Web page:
Wen calls for toxic-free Continence Products as it launches new Guide for World Continence Week

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Wen (The Women’s Environmental Network) is calling for the effective regulation of toxic-free continence products this World Continence Week, 17-23 June 2024.

With the launch of its new resource ‘Stress incontinence is no laughing matter!’, the charity aims to raise awareness of the prevalence of stress and other types of urine incontinence, encouraging those who experience it to seek help and providing information on safe, affordable, and reusable products to use.

Whether it’s bladder leaks or urge incontinence, stress incontinence is extremely common. It is estimated that one in four of us will have an issue with bladder control at some point in our lives, and one in 10 will have problems with bowel control. However, the culture of silence around incontinence affects our understanding of continence problems, as well as our knowledge of treatments and choice of continence products. This has implications for our health and the environment.

Testing by independent organisations has found levels of toxic chemicals in continence products in worrying amounts. Ingredients, like fragrance and something listed on packaging as ‘Odour Lock technology’, can cause irritation and health issues.

Because it’s trademarked we are not entitled to know what it contains. In addition, and the presence of indicators of harmful ‘forever chemicals’ or PFAS as well as concerning substances like 1.4 Dioxane are a worry given its carcinogenic properties.

Wen’s Expert Adviser Helen Lynn says:

“Although continence products are regulated like period products, there is no indication on the label as to what they contain. The cocktail of chemicals found in continence products, even in small amounts, are placed next to one of the most absorbent parts of the human body. Considering that women and people who menstruate can also be exposed to similar levels of toxic chemicals through single use period products, along with any continence products they use on a daily basis, we urgently need regulation for all incontinence products, as well as transparency as to what ingredients are in these products.”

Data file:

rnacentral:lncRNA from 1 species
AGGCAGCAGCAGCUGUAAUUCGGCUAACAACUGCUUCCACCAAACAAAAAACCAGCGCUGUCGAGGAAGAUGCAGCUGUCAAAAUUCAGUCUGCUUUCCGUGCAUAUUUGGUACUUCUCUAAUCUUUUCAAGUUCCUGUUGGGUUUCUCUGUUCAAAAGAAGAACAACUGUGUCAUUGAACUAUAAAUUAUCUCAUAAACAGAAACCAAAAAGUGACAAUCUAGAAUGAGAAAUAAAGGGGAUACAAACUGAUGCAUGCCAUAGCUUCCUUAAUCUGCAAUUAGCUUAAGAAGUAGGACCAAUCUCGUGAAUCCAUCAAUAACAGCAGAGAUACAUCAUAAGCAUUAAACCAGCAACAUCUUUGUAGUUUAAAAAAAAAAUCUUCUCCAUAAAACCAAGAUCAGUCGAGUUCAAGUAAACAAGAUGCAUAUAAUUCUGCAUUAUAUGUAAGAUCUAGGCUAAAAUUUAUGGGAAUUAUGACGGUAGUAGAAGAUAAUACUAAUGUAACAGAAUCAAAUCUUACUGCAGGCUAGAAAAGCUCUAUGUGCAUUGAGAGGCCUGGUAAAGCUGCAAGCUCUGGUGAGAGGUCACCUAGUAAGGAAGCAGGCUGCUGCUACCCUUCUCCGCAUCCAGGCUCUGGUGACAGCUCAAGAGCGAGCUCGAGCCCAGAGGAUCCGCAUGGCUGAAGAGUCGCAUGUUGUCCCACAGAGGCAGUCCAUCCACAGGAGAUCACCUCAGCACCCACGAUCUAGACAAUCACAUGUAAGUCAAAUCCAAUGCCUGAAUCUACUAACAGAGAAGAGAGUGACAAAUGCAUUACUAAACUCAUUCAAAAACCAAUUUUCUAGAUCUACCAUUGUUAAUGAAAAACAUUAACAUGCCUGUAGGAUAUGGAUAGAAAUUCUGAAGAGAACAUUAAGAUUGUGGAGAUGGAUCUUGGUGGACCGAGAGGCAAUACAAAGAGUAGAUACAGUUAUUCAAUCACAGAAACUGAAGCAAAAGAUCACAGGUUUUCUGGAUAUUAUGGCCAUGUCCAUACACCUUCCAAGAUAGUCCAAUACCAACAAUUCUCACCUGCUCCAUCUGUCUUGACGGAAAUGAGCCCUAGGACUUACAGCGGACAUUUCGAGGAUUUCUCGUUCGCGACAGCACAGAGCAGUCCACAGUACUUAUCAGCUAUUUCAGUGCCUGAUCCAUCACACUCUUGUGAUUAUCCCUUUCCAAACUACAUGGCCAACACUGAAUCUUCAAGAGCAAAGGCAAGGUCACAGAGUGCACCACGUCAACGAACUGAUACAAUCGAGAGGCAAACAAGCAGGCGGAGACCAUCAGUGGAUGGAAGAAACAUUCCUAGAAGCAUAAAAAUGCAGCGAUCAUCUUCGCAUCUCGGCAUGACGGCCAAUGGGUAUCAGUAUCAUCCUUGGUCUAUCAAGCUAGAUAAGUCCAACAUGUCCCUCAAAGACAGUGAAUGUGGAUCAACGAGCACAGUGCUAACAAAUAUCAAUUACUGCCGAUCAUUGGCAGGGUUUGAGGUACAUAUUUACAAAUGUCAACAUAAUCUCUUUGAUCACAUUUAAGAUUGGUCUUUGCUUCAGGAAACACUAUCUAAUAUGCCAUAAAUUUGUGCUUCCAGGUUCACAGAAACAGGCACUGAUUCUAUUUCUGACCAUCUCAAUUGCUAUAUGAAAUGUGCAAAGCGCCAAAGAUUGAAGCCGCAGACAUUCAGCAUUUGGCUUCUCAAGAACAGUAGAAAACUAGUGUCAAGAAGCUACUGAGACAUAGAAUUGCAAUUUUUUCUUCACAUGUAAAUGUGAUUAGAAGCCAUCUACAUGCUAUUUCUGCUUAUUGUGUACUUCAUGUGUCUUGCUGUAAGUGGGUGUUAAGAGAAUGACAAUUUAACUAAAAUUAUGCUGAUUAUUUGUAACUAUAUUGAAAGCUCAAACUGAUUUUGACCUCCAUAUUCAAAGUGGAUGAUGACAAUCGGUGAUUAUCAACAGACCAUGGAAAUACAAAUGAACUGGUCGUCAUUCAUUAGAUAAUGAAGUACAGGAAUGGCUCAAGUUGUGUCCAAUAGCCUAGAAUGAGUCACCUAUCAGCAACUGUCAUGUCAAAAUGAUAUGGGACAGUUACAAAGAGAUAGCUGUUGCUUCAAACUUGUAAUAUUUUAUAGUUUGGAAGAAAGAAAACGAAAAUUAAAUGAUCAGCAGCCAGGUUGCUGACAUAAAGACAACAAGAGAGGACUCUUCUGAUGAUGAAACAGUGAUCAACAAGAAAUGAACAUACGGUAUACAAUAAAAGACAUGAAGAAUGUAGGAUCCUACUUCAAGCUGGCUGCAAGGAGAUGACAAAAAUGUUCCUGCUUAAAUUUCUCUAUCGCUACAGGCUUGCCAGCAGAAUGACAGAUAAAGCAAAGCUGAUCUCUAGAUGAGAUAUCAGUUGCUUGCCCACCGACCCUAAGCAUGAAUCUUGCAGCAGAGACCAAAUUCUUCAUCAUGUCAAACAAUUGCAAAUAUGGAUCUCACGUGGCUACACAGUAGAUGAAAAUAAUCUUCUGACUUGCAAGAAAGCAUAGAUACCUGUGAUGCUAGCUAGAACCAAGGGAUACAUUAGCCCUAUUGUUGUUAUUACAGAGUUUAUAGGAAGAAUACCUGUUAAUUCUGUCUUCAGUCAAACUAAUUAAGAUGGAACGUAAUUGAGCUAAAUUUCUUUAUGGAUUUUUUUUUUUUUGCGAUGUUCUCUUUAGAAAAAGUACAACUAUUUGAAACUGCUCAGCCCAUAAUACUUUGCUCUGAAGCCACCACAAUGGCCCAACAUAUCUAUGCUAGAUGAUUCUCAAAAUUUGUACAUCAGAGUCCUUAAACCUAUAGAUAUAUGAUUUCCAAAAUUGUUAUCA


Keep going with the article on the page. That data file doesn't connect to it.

The waste and environmental implications

With over one billion continence products bought in the UK each year, and the use of adult continence products growing by over 50 per cent in the last five years, it amounts to an awful lot of waste.

Helen Lynn adds:

“With landfill space running out and toxic emissions from incineration making it less than a healthy choice for waste management, a shift to washable pads and pants could save money and benefit health and the environment.”

So, what can we do?

The only way to break the taboo is to open the discussion around stress and other continence problems:

  • If you experience incontinence see your GP, local NHS continence service or an independent physiotherapist
  • Do your pelvic floor exercises, the good thing is no one knows you are doing them so you can practise anywhere
  • Consider using washable products instead of disposables – you could save money and prevent a lot of waste even if you only use them at night or at home
  • Don’t flush your disposable pads down the toilet. ‘Bag it and bin it’ and think before you flush
  • Demand the best products for yourself and the environment
  • Some people may be eligible for free continence products and should demand the best
  • If you or a relative are in residential care, request a choice of reusable products
  • Tell retailers if your needs are not being met in the high street
  • Give a copy of Wen’s resource to your GP, continence advisor, midwife, ante-natal or postnatal instructor, care manager
  • Become a friend of Wen to support its work and campaigns

To download Wen’s free guide visit https://www.wen.org.uk/events/resources/ and follow @wen_uk #WenNoLaughingMatter.

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